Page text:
Most of the guys—and now girls, too—that make it onto The Ultimate Fighter reality show, a program that Zuffa, LLC launched to give newcomers a chance for a UFC contract, are fighters with established records of 10 or more fights who train out of one of the big camps, like The Pit, Jackson’s MMA, American Top Team or Team Quest, among many others. Other smaller camps will occasionally see a few of their guys at least get a shot to make it onto the show, but occasionally a guy will make it in on his own training merit. Gilbert “Jamal” Smith is one of those fighters.

Smith has a solid background in jiu-jitsu, and did some wrestling and boxing as a kid. He began training people in the fighting arts in the United States before heading over to Iraq to train soldiers and civilians. He trained people under the name Victory Top Team, named after Camp Victory, and upon returning to Colorado Springs, Colo., he changed the name of his team to Victory MMA, which is his gym and home camp.

At Victory MMA, Smith has done an excellent job of working with and training people in MMA, but he has also racked up a nice pro record for himself. After amassing a 5-1 mark in just 18 months, he was given a shot on TUF 17. With UFC light heavyweight champ Jon Jones as his coach, Smith gained some life-changing experience.

Smith (Phil Lambert/The MMA Corner)

“To me, it was really great to get to train, spar and compete against 13 other middleweights,” said Smith in an exclusive interview with The MMA Corner. “You can go to any school in the world and not find 13 guys in your weight class, at your skill level, if not better, all in one spot. That was a big confidence builder for me, and there was a lot of knowledge that I was able to take from that.”

Although Smith made it into the house, he lost his elimination bout to Luke Barnatt, one of the coaches’ favorites to win. However, the UFC liked what he was all about and gave him a chance to prove himself again. On The Ultimate Fighter 17 Finale, Smith was given a spot on the main card to face off against fellow TUF 17 contestant—and Jones’ training partner—Robert “Bubba” McDaniel.

In one of the most exciting fights on the card, Smith and McDaniel put on a great show all the way into the third round, until McDaniel pulled off a submission to take the victory. While this loss wasn’t what Smith had hoped for, he definitely learned from it.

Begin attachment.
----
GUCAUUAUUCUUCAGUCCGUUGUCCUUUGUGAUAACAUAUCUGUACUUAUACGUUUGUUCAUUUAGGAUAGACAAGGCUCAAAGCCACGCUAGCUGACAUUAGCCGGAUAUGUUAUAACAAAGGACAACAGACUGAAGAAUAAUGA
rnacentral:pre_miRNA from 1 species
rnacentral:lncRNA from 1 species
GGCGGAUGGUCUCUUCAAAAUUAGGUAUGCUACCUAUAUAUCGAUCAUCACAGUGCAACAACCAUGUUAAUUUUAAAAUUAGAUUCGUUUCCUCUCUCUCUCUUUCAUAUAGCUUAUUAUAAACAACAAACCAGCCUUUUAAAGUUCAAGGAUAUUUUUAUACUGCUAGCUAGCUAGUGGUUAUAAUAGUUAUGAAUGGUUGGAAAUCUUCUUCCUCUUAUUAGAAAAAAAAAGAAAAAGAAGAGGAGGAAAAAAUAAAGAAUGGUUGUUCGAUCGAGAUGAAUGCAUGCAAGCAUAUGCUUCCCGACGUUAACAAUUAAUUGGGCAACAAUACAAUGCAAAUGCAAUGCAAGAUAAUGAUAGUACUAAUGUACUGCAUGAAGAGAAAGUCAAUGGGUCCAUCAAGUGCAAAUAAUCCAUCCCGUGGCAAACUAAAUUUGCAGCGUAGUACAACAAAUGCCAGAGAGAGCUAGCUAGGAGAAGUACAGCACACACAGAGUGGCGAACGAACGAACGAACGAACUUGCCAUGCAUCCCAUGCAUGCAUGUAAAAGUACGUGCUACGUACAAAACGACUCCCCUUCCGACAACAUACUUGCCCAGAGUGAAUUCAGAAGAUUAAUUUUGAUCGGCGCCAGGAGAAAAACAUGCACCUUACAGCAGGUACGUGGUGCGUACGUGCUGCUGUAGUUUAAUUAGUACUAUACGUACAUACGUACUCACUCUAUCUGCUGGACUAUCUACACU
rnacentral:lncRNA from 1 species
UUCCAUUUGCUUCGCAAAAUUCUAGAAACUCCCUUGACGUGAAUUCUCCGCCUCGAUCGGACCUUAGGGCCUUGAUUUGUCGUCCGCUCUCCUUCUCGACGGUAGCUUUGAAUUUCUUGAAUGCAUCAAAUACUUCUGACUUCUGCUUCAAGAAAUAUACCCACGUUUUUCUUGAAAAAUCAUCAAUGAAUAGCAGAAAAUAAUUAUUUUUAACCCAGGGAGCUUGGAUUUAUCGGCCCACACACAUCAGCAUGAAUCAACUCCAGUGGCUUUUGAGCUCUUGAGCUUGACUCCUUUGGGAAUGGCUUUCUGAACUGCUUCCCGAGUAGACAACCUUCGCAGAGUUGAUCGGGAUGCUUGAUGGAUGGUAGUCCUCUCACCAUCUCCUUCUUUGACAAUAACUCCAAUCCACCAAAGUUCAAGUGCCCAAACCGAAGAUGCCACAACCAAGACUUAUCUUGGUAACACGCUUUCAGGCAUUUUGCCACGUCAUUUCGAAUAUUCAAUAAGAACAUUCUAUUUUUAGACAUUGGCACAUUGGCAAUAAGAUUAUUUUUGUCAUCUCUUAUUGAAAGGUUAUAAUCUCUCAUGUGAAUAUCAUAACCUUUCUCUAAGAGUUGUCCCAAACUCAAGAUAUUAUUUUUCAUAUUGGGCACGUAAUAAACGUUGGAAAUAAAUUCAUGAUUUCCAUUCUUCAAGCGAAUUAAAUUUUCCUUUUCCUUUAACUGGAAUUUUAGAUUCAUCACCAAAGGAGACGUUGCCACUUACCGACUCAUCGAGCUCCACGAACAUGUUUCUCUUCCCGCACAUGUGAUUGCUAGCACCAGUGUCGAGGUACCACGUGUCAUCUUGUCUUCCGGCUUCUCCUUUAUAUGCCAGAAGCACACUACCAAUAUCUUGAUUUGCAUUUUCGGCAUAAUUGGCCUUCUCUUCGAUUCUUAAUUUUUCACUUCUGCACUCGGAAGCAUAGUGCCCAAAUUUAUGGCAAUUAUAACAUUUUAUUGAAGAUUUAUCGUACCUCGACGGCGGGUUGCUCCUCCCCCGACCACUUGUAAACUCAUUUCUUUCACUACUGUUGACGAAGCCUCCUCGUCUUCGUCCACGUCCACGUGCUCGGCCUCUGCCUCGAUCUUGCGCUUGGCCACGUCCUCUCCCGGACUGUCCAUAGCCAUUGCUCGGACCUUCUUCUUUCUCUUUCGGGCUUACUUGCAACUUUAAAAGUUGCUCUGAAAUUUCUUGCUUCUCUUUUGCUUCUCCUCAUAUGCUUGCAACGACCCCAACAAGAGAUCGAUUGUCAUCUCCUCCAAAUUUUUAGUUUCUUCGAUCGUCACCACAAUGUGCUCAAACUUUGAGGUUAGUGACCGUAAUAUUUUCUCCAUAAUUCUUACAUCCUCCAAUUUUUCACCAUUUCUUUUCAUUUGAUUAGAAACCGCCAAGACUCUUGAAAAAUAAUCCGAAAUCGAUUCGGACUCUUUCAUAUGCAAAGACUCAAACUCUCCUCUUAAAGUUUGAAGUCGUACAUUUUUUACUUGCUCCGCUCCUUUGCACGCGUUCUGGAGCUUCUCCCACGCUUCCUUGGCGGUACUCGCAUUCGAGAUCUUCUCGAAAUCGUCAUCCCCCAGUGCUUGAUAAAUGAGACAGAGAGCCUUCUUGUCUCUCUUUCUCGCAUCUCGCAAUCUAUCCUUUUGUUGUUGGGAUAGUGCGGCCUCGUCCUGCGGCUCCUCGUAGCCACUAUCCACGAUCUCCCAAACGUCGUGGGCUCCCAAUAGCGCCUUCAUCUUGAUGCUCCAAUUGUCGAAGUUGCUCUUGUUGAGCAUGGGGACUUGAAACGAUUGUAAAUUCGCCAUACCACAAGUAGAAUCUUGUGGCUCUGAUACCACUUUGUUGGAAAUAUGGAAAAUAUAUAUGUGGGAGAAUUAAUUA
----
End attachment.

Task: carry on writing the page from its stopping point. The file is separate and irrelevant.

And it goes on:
“There was some good, there was some bad, you know?” admitted Smith. “The good parts were that I got to experience being on a main card in the UFC. That was a daunting task, believe it or not, at the time. It was so huge, and I don’t think I was as mentally prepared as I could’ve been. It was something that me and no one on my team were really prepared for, especially being on the main card.

“It was a good experience, because next time, when I make it back to the UFC, I will be better prepared for such a situation—main card, prelims, whatever. It was a good fight. We threw a lot into that fight, and people don’t realize everything we did. From the ground game, submissions, to kickboxing and cage work, wrestling, we were just everywhere. Bubba, with all of the experience and the team and coaches he has, it was a big confidence builder for me. I was able to push Bubba and prove that I have a deep skill set.”

It was an amazing performance and both fighters really put on a show. However, as it goes with TUF, those losses can set a fighter back and release is almost guaranteed, and that’s eventually what happened. But, in the valuable experience that Smith gained, one thing that really came shining through is that he needed a coach. Being his own coach worked great for him up until that point, but once on the big stage, that was the biggest hole he had identified in his game.

“What a lot of people don’t know is that when I fought Bubba, I was my own coach,” Smith explained. “I was my own trainer. I was everything. I had people I went to go see, like my jiu-jitsu coach, my boxing coach, but together all-around, I was the man. Nobody came up with strategy. Nobody took care of my training. In my last fight, I missed out on a couple different things. So, I stepped out and talked to coach Marc Montoya and said, ‘I have to give up the reins.’ I had to let somebody else coach me. I couldn’t just coach myself.”

Montoya is the head coach and owner of Factory X Muay Thai in Englewood, Colo. Former TUF contestant and current UFC fighter Chris Camozzi trains out of Montoya’s gym along with a whole stable of other seasoned and up-and-coming professional mixed martial artists. While still calling Victory MMA home, Smith got a different kind of training setup by expanding his camp and giving up control of his coaching.